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As im currently experimenting with new stuff in my prompt i need a way to tell what the performance impact is.

How can i monitor how long it takes to render my prompt and the time it takes to source the .*rc?

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Why on Earth do you have a prompt that takes so long to render that you are concerned about how long it takes?! The configuration files only get sourced when the shell is started. –  Michael Kjörling Jun 12 '13 at 11:32
rendering cvs information, ssh-agent status, user rights ... takes a while - i need to find a compromise between information and performance. on my *nix system execution is generally pretty fast but i use my prompt under cygwin aswell and there it can easily take a few seconds to render the prompt. That's why i need to benchmark certain parts of my prompt. –  nifr Jun 12 '13 at 11:36

1 Answer 1

up vote 2 down vote accepted

With these command you should be able to benchmark the startup times, including sourcing of rc files (+ one print invocation, which shouldn't add to much overhead):

time zsh -i -c "print -n"
time bash -i -c "echo -n"

With more than 1000 lines in my .zshrc this takes 0.3 sec on my cygwin installation. And no, it's really no high-end-machine (iCore2Duo P8700).

Regarding the prompt rendering time:

  • in bash it's possible to time builtin commands. However, I don't know a possibility to render $PS1 as a prompt.

  • in zsh it's the other way round, with print -P $PS1 $RPS1 you can render you prompt with a print command. (man zshbuiltins: "[print] -P Perform prompt expansion"). But it seems time doesn't work with builtin commands. That's why I hacked together this one:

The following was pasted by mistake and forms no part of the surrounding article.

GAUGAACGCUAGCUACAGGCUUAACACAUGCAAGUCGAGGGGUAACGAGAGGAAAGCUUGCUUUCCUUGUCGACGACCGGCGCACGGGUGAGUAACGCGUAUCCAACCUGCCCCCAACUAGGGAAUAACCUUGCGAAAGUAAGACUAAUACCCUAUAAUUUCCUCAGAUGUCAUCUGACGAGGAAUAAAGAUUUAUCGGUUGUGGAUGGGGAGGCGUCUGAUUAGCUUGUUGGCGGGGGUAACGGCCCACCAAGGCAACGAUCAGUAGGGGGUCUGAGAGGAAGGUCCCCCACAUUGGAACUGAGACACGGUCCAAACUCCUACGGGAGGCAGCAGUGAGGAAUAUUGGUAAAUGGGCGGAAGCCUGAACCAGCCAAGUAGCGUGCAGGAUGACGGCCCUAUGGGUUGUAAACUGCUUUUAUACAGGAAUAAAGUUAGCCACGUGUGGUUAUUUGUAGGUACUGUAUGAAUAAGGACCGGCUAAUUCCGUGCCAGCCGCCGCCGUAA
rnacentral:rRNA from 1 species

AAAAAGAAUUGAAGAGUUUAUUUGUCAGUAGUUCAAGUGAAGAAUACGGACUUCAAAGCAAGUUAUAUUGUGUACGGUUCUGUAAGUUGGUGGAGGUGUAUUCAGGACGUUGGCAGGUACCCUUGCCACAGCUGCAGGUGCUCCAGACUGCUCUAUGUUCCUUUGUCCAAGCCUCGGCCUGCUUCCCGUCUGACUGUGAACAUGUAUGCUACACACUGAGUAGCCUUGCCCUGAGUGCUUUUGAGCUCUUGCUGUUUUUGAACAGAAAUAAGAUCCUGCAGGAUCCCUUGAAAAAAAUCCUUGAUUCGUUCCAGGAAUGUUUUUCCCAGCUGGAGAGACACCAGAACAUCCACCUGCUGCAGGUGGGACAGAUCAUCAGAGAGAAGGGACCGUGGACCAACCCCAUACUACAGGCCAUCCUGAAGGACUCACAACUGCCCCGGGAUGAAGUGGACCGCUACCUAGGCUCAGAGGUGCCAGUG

cumul=0; for i ({0..99}) {
      start=$(date +%s.%N)
      end=$(date +%s.%N)
      (( cumul+= (end-start) ))
    cumul=0; for i ({0..99}) {
      start=$(date +%s.%N)
      print -P $PS1 $RPS1
      end=$(date +%s.%N)
      (( cumul+= (end-start) ))
    print $((cumul/100. - overhead))

    First, this measures the overhead which is caused by the date commands. It is done a 100 times for better statistics. Then the print -P $PS1 $RPS1 is included, also executes a 100 times, and the overhead determined in the first part is subtracted. Consecutively invocations shows that you cannot trust the 1ms digit, but the 10ms digit seems reliable. With a expected value in the order of seconds that should suffice.

But, as @Michael Kjörling already mentioned in a comment, the prompt should render in no time. So either, you should think about how to optimize your prompt or take into account, that in my experience the prompt rendering time (as in your question) is only a tiny part of the prompt display time. (I speak here mainly about the Z shell, but I assume in bash there are similar concepts.) Because there are other functions that get executed before the prompt is displayed. This is what comes immediately to my mind:

  • precmd: Executed before each prompt; use which precmd to see what it is in your case
  • if you have the option sharedhistory enabled, the file ~/.zsh_history (or whatever you named it) get's read. Especially if your home directory is on a remote filesystem, significant delay can be induced. I also observe once in a while several seconds before the prompt is displayed when the NFS server is heavily loaded.

A tool to analyze the time requirements of external programs / internal functions in detail is the zsh/zprof module, loaded by

zmodload zsh/zprof

From man zshmodules: "When loaded, the zsh/zprof causes shell functions to be profiled. The profiling results can be obtained with the zprof builtin command made available by this module."

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